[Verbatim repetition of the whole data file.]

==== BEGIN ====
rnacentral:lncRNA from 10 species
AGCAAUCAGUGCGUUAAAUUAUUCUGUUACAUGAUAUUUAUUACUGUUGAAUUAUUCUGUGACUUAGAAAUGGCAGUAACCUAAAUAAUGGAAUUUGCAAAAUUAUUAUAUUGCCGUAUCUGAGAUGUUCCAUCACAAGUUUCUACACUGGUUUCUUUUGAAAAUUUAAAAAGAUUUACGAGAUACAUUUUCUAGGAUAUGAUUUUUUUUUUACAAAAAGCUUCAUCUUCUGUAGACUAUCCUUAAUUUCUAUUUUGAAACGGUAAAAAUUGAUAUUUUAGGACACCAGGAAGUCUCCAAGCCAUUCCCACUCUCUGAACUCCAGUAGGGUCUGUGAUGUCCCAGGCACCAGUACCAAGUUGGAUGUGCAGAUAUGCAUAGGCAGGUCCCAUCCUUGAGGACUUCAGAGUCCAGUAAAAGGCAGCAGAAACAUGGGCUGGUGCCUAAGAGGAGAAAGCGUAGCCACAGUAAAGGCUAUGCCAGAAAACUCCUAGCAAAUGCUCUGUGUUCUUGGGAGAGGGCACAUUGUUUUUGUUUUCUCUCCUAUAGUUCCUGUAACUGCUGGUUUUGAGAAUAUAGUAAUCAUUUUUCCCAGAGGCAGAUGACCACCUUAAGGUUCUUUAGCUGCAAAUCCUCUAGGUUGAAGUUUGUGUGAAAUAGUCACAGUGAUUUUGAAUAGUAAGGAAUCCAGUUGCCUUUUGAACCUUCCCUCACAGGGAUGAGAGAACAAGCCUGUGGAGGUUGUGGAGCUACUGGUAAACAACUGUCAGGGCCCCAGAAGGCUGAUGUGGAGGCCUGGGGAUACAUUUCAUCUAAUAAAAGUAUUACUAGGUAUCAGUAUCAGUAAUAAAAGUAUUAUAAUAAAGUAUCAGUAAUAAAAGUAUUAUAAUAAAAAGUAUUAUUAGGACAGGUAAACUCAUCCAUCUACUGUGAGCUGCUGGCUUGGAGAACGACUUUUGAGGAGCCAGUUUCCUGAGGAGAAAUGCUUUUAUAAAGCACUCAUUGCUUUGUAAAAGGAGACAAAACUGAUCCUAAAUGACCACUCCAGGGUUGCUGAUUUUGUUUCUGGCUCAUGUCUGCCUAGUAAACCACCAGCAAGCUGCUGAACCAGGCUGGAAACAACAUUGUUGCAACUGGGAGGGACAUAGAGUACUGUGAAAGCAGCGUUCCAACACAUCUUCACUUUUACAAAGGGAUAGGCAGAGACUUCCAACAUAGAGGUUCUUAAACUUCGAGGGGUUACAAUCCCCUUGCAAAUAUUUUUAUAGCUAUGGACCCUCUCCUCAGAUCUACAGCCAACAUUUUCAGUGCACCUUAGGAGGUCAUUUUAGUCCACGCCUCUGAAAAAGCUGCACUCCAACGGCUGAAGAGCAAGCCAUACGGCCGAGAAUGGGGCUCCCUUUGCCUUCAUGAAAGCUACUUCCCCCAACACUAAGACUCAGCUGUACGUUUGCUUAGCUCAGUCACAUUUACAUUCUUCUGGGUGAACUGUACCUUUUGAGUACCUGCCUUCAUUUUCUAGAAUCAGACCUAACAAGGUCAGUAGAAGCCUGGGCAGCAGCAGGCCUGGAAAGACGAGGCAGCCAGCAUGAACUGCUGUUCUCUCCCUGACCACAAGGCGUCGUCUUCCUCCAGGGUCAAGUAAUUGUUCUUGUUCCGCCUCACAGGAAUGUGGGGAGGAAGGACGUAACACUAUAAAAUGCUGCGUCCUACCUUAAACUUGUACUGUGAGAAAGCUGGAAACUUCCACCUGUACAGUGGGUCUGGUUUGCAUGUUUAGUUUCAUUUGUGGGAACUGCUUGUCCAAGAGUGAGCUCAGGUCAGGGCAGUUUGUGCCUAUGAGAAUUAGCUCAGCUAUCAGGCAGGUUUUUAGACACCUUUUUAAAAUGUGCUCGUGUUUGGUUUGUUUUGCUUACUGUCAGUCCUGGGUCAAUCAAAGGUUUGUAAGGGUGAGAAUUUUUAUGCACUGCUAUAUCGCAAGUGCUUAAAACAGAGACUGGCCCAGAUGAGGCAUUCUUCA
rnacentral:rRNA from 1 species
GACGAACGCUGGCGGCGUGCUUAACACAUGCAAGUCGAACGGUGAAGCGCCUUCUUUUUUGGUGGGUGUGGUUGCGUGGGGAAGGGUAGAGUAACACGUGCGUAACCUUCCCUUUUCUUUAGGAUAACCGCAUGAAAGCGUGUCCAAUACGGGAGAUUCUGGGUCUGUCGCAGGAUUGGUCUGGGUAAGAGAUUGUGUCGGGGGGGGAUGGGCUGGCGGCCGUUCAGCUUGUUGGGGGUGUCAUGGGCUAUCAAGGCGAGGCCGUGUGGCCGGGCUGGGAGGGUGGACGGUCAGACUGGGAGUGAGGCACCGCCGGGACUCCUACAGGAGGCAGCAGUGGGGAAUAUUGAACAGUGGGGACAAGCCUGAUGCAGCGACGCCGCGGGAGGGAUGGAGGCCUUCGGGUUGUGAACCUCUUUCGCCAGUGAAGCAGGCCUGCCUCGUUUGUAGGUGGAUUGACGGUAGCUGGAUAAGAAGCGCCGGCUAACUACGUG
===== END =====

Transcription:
rnacentral:lncRNA from 10 species
AGCAAUCAGUGCGUUAAAUUAUUCUGUUACAUGAUAUUUAUUACUGUUGAAUUAUUCUGUGACUUAGAAAUGGCAGUAACCUAAAUAAUGGAAUUUGCAAAAUUAUUAUAUUGCCGUAUCUGAGAUGUUCCAUCACAAGUUUCUACACUGGUUUCUUUUGAAAAUUUAAAAAGAUUUACGAGAUACAUUUUCUAGGAUAUGAUUUUUUUUUUACAAAAAGCUUCAUCUUCUGUAGACUAUCCUUAAUUUCUAUUUUGAAACGGUAAAAAUUGAUAUUUUAGGACACCAGGAAGUCUCCAAGCCAUUCCCACUCUCUGAACUCCAGUAGGGUCUGUGAUGUCCCAGGCACCAGUACCAAGUUGGAUGUGCAGAUAUGCAUAGGCAGGUCCCAUCCUUGAGGACUUCAGAGUCCAGUAAAAGGCAGCAGAAACAUGGGCUGGUGCCUAAGAGGAGAAAGCGUAGCCACAGUAAAGGCUAUGCCAGAAAACUCCUAGCAAAUGCUCUGUGUUCUUGGGAGAGGGCACAUUGUUUUUGUUUUCUCUCCUAUAGUUCCUGUAACUGCUGGUUUUGAGAAUAUAGUAAUCAUUUUUCCCAGAGGCAGAUGACCACCUUAAGGUUCUUUAGCUGCAAAUCCUCUAGGUUGAAGUUUGUGUGAAAUAGUCACAGUGAUUUUGAAUAGUAAGGAAUCCAGUUGCCUUUUGAACCUUCCCUCACAGGGAUGAGAGAACAAGCCUGUGGAGGUUGUGGAGCUACUGGUAAACAACUGUCAGGGCCCCAGAAGGCUGAUGUGGAGGCCUGGGGAUACAUUUCAUCUAAUAAAAGUAUUACUAGGUAUCAGUAUCAGUAAUAAAAGUAUUAUAAUAAAGUAUCAGUAAUAAAAGUAUUAUAAUAAAAAGUAUUAUUAGGACAGGUAAACUCAUCCAUCUACUGUGAGCUGCUGGCUUGGAGAACGACUUUUGAGGAGCCAGUUUCCUGAGGAGAAAUGCUUUUAUAAAGCACUCAUUGCUUUGUAAAAGGAGACAAAACUGAUCCUAAAUGACCACUCCAGGGUUGCUGAUUUUGUUUCUGGCUCAUGUCUGCCUAGUAAACCACCAGCAAGCUGCUGAACCAGGCUGGAAACAACAUUGUUGCAACUGGGAGGGACAUAGAGUACUGUGAAAGCAGCGUUCCAACACAUCUUCACUUUUACAAAGGGAUAGGCAGAGACUUCCAACAUAGAGGUUCUUAAACUUCGAGGGGUUACAAUCCCCUUGCAAAUAUUUUUAUAGCUAUGGACCCUCUCCUCAGAUCUACAGCCAACAUUUUCAGUGCACCUUAGGAGGUCAUUUUAGUCCACGCCUCUGAAAAAGCUGCACUCCAACGGCUGAAGAGCAAGCCAUACGGCCGAGAAUGGGGCUCCCUUUGCCUUCAUGAAAGCUACUUCCCCCAACACUAAGACUCAGCUGUACGUUUGCUUAGCUCAGUCACAUUUACAUUCUUCUGGGUGAACUGUACCUUUUGAGUACCUGCCUUCAUUUUCUAGAAUCAGACCUAACAAGGUCAGUAGAAGCCUGGGCAGCAGCAGGCCUGGAAAGACGAGGCAGCCAGCAUGAACUGCUGUUCUCUCCCUGACCACAAGGCGUCGUCUUCCUCCAGGGUCAAGUAAUUGUUCUUGUUCCGCCUCACAGGAAUGUGGGGAGGAAGGACGUAACACUAUAAAAUGCUGCGUCCUACCUUAAACUUGUACUGUGAGAAAGCUGGAAACUUCCACCUGUACAGUGGGUCUGGUUUGCAUGUUUAGUUUCAUUUGUGGGAACUGCUUGUCCAAGAGUGAGCUCAGGUCAGGGCAGUUUGUGCCUAUGAGAAUUAGCUCAGCUAUCAGGCAGGUUUUUAGACACCUUUUUAAAAUGUGCUCGUGUUUGGUUUGUUUUGCUUACUGUCAGUCCUGGGUCAAUCAAAGGUUUGUAAGGGUGAGAAUUUUUAUGCACUGCUAUAUCGCAAGUGCUUAAAACAGAGACUGGCCCAGAUGAGGCAUUCUUCA
rnacentral:rRNA from 1 species
GACGAACGCUGGCGGCGUGCUUAACACAUGCAAGUCGAACGGUGAAGCGCCUUCUUUUUUGGUGGGUGUGGUUGCGUGGGGAAGGGUAGAGUAACACGUGCGUAACCUUCCCUUUUCUUUAGGAUAACCGCAUGAAAGCGUGUCCAAUACGGGAGAUUCUGGGUCUGUCGCAGGAUUGGUCUGGGUAAGAGAUUGUGUCGGGGGGGGAUGGGCUGGCGGCCGUUCAGCUUGUUGGGGGUGUCAUGGGCUAUCAAGGCGAGGCCGUGUGGCCGGGCUGGGAGGGUGGACGGUCAGACUGGGAGUGAGGCACCGCCGGGACUCCUACAGGAGGCAGCAGUGGGGAAUAUUGAACAGUGGGGACAAGCCUGAUGCAGCGACGCCGCGGGAGGGAUGGAGGCCUUCGGGUUGUGAACCUCUUUCGCCAGUGAAGCAGGCCUGCCUCGUUUGUAGGUGGAUUGACGGUAGCUGGAUAAGAAGCGCCGGCUAACUACGUG